Planning for College: What to do Over the Long Summer Break?

Summer Activities for College Applications | College Planning Guide

The road to submitting your college applications is a long one. The students with the best outcomes are those that have been working towards their applications throughout high school, so in this article, I’m going to look at what students from different grades should be doing to make the most of the time available over the summer.

Grade 9 and 10/ Freshman and Sophomore.

If you are finishing grades 9 and 10, then the summer is the time for you to delve into your interests and explore new ones. Good grades will only get you so far in the college application process, colleges will also want to know about activities you have been a part of, and the long break provides the perfect opportunity for you to put time into these activities.

Things you might do include:

  • You may have been accepted onto an excellent summer program; if not, then look for an academic project that you can do yourself that will help you explore your academic interest further. It could be an online course; sites like edx and Coursera have hundreds of courses that enable you to explore topics in greater depth than you can at school.

  • Explore a career by applying for an internship. You can use the time to gain insight into a career you are considering, but just spending time in a work environment gives you a better understanding of how work expectations differ from school. The best internships will give you the opportunity to contribute directly to work. Perhaps you can write a sales report, debug some code, or help customers.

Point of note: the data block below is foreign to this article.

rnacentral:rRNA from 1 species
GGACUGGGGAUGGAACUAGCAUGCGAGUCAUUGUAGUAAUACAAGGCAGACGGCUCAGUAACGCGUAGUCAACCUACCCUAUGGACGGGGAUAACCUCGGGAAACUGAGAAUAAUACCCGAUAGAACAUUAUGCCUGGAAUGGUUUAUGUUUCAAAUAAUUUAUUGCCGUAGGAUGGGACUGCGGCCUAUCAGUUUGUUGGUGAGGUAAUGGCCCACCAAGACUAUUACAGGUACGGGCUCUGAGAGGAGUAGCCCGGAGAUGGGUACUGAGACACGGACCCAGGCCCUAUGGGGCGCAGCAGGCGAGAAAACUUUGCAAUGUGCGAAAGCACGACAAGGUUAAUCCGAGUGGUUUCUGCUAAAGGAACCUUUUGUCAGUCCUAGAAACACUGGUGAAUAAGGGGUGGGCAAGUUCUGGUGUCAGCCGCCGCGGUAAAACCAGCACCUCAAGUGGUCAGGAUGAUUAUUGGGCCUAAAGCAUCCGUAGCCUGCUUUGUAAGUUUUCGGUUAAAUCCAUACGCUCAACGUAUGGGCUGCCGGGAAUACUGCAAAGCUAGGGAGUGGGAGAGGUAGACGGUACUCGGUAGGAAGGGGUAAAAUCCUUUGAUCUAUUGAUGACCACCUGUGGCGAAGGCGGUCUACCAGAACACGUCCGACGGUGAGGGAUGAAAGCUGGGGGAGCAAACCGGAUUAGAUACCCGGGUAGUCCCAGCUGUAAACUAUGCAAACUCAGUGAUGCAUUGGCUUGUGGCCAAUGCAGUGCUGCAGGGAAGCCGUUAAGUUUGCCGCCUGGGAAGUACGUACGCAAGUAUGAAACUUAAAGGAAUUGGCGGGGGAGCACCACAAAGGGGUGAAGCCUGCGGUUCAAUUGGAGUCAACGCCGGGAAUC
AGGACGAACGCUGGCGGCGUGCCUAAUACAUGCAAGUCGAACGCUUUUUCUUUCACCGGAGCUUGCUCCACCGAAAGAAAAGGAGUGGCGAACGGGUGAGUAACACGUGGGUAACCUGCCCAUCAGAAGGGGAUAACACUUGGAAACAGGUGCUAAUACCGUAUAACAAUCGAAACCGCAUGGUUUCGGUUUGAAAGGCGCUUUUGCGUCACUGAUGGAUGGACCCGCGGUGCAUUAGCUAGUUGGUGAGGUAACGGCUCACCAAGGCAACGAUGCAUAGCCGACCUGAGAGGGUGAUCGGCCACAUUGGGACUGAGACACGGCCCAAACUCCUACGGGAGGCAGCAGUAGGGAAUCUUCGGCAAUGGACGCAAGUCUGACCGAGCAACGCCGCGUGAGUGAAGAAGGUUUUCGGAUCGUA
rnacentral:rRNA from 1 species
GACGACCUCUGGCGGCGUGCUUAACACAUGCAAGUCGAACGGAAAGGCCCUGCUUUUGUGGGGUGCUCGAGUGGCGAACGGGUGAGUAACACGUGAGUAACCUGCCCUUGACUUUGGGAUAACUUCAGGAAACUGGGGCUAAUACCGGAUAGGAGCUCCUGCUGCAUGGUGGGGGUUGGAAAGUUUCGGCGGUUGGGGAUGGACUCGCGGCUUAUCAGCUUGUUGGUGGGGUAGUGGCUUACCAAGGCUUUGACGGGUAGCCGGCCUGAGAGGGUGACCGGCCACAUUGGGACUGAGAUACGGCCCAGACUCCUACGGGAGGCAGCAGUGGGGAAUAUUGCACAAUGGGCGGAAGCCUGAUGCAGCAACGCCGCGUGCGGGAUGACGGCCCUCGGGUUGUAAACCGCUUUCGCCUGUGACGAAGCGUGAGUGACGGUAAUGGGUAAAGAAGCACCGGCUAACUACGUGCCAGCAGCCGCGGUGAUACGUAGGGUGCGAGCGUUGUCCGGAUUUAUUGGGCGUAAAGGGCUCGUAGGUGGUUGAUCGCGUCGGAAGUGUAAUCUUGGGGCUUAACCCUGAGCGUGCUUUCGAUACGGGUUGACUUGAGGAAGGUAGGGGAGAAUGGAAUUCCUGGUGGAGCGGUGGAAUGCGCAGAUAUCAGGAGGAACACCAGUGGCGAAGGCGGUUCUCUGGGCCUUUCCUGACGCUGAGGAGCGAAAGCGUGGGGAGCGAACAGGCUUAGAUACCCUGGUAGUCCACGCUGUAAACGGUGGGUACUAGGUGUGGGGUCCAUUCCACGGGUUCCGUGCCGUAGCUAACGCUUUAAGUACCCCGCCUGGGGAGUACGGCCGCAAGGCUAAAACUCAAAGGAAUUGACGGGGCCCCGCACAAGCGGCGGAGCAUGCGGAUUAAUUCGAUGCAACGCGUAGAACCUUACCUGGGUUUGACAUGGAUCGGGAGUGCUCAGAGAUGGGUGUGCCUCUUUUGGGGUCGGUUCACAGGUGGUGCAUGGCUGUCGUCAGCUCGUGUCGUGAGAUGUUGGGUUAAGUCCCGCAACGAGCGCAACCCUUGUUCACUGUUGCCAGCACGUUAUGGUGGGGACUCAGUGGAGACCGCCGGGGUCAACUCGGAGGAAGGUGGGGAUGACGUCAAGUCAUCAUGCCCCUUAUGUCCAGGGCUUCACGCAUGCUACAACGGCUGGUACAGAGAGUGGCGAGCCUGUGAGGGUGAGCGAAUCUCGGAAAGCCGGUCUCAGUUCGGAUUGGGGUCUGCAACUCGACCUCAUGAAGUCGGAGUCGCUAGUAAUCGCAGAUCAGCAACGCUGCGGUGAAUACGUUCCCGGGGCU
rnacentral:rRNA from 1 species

• Take stock of how you are getting on with your subjects. Are there areas that you feel you need to improve on or go back and remind yourself about? You can also use the summer to prepare for the year to come and start reading about topics you will be studying.

  • Use the summer to catch up on reading. You should aim to read a broad range of books, factual, novels, histories, fantasy, or anything else that appeals. There are lots of recommended reading lists on the internet, so choose a few books and put some time aside each day to read.

  • While many colleges remain test-optional, an increasing number are once again expecting applicants to submit SAT or ACT scores as part of their application information. With this in mind, work to ensure that you understand how to answer the questions that typically come up in the tests. You can do this by using online sources such as Khan Academy or ACT. Once familiar with the material, try doing multiple tests under exam conditions. If you are getting the types of scores the colleges you want to apply to typically accept, go ahead and register to sit the test on one of the upcoming test dates.

Grade 11/Junior Year.

If you have just finished Grade 11, then you will hopefully be well into the stride of preparing for your college applications in the next few months; if not, here are some reminders of what you should be doing now.

  • Narrowing it down to a short college list. Identify colleges that have a good academic, social and geographic fit, making sure you have a mix of reach, target and safety colleges. Use reliable sources of information to research the colleges. In particular, delve into the majors you are interested in, including the elective courses they offer. Also, find out about life on campus; after all, you won’t spend all your time studying.